>>> Just some data:
>>> - We have several hundred entries in the annotator log - most  
>>> people spend 10 or more minutes to create a reasonable description  
>>> of themselves.
>>> - Even though they all operate some sort of Web sites, less than  
>>> 30 % of them manage to upload/publish a single *.rdf file in their  
>>> root directory.
>>> - Of those 30%, only a fraction manage to set up content  
>>> negotiation properly, even though we provide a step-by-step recipe.
>>>
>>> The effects are
>>> - URIs that are not dereferencable,
>>> - incorrect media types and
>>> and other problems.
>>>
>>> When investigating the causes and trying to help people, we  
>>> encountered a variety of configurations and causes that we did not  
>>> expect. It turned out that helping people just managing this tiny  
>>> step of publishing  Semantic Web data would turn into a full-time  
>>> job for 1 - 2 administrators.
>>>
>>> Typical causes of problems are
>>> - Lack of privileges for .htaccess (many cheap hosting packages  
>>> give limited or no access to .htaccess)
>>> - Users without Unix background had trouble name a file so that it  
>>> begins with a dot
>>> - Microsoft IIS require completely different recipes
>>> - Many users have access just at a CMS level
>>>
>>> Bottomline:
>>> - For researchers in the field, it is a doable task to set up an  
>>> Apache server so that it serves RDF content according to current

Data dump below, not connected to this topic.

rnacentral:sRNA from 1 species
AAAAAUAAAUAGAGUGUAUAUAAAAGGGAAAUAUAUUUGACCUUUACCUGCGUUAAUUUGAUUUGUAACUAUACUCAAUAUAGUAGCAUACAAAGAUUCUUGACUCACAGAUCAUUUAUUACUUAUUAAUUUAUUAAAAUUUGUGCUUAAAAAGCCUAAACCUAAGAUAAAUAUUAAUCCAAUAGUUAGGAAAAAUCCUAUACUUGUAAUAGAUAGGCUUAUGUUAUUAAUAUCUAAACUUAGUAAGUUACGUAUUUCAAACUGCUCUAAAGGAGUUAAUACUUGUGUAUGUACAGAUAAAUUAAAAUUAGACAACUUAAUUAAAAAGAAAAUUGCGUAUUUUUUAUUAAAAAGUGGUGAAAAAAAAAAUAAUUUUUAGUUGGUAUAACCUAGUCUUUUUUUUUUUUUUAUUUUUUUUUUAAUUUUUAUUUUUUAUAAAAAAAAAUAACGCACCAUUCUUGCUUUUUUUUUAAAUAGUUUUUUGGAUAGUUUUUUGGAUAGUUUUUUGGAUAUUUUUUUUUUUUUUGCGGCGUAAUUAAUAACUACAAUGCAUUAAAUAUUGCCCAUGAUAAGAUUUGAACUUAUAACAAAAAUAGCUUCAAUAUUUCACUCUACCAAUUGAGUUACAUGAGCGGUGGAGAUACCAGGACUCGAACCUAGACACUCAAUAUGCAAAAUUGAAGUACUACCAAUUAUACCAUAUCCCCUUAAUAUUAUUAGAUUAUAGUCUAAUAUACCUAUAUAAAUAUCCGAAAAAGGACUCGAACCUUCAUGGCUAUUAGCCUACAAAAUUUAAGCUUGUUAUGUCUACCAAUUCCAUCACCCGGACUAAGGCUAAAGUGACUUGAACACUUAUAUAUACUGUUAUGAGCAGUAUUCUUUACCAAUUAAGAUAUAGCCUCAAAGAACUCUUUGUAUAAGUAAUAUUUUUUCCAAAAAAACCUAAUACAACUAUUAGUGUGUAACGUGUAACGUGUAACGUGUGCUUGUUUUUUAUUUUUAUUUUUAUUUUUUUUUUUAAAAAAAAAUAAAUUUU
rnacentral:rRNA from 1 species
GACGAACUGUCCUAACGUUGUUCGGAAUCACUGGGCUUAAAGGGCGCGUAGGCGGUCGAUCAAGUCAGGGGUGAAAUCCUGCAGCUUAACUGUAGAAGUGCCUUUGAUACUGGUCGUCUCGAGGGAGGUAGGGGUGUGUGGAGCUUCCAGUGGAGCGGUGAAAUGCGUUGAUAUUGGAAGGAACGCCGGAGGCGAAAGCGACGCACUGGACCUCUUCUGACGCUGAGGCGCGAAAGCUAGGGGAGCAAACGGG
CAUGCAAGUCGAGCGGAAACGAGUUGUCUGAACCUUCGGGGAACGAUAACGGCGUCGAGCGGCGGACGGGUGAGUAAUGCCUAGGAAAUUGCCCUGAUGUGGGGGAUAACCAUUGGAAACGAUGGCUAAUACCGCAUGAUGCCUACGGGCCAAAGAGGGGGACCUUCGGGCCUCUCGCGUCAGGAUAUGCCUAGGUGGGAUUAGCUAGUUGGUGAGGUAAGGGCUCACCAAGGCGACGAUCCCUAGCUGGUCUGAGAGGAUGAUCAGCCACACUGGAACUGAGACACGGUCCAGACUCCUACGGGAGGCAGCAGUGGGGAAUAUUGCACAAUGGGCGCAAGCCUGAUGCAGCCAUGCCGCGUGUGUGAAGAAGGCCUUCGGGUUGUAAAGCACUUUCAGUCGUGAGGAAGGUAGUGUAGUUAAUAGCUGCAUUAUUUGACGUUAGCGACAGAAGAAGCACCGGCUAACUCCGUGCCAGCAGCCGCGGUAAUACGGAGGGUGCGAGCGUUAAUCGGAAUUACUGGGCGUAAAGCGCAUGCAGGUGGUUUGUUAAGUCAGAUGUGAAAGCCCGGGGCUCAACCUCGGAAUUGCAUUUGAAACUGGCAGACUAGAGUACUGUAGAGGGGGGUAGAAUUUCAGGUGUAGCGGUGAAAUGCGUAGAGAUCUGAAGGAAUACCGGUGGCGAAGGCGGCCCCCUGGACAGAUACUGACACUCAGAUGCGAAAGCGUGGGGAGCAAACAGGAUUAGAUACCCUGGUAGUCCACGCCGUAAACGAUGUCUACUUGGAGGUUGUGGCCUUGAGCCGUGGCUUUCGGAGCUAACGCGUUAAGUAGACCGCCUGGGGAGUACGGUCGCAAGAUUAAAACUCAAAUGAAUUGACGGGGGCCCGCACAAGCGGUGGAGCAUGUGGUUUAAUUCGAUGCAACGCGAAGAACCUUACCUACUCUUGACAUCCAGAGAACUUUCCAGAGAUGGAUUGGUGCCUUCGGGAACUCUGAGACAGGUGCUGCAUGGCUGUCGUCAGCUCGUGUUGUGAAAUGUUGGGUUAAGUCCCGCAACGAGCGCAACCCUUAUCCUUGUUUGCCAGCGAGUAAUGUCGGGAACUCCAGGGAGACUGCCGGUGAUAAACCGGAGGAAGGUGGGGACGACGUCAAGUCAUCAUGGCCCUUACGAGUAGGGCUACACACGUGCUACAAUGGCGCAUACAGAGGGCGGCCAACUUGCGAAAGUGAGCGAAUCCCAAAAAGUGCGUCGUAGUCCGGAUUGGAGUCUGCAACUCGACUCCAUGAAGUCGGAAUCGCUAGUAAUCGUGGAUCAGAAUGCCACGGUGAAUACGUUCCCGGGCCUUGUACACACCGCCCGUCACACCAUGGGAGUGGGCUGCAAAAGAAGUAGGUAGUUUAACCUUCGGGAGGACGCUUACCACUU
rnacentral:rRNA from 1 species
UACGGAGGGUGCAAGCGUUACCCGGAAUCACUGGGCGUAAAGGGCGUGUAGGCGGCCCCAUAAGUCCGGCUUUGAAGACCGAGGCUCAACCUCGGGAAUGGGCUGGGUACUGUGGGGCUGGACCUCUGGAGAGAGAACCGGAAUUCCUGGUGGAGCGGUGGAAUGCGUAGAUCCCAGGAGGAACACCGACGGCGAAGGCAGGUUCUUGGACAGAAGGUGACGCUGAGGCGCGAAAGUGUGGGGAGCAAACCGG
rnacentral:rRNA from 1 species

>>> best practices.
>>> - For most people out there in reality, this is regularly a  
>>> prohibitively difficult task, both because of a lack of skills and  
>>> a variety in the technical environments that turns into an  
>>> engineering challenge what is easy on the textbook-level.
>>>
>>> As a consequence, we will modify our tool so that it generates  
>>> "dummy" RDFa code with span/div that *just* represents the meta- 
>>> data without interfering with the presentation layer.
>>> That can then be inserted as code snippets via copy-and-paste to  
>>> any XHTML document.
>>>
>>> Any opinions?
>>>
>>> Best
>>> Martin
>>>
>>> [1]  http://www.ebusiness-unibw.org/tools/goodrelations-annotator/
>>>
>>> Danny Ayers wrote:
>>>> Thank you for the excellent questions, Bill.
>>>>
>>>> Right now IMHO the best bet is probably just to pick whichever  
>>>> format
>>>> you are most comfortable with (yup "it depends") and use that as  
>>>> the
>>>> single source, transforming perhaps with scripts to generate the
>>>> alternate representations for conneg.
>>>>
>>>> As far as I'm aware we don't yet have an easy templating engine for
>>>> RDFa, so I suspect having that as the source is probably a good  
>>>> choice
>>>> for typical Web applications.
>>>>
>>>> As mentioned already GRDDL is available for transforming on the  
>>>> fly,
>>>> though I'm not sure of the level of client engine support at  
>>>> present.
>>>> Ditto providing a SPARQL endpoint is another way of maximising the
>>>> surface area of the data.
>>>>
>>>> But the key step has clearly been taken, that decision to publish  
>>>> data
>>>> directly without needing the human element to interpret it.
>>>>
>>>> I claim *win* for the Semantic Web, even if it'll still be a few  
>>>> years
>>>> before we see applications exploiting it in a way that provides  
>>>> real
>>>> benefit for the end user.
>>>>
>>>> my 2 cents.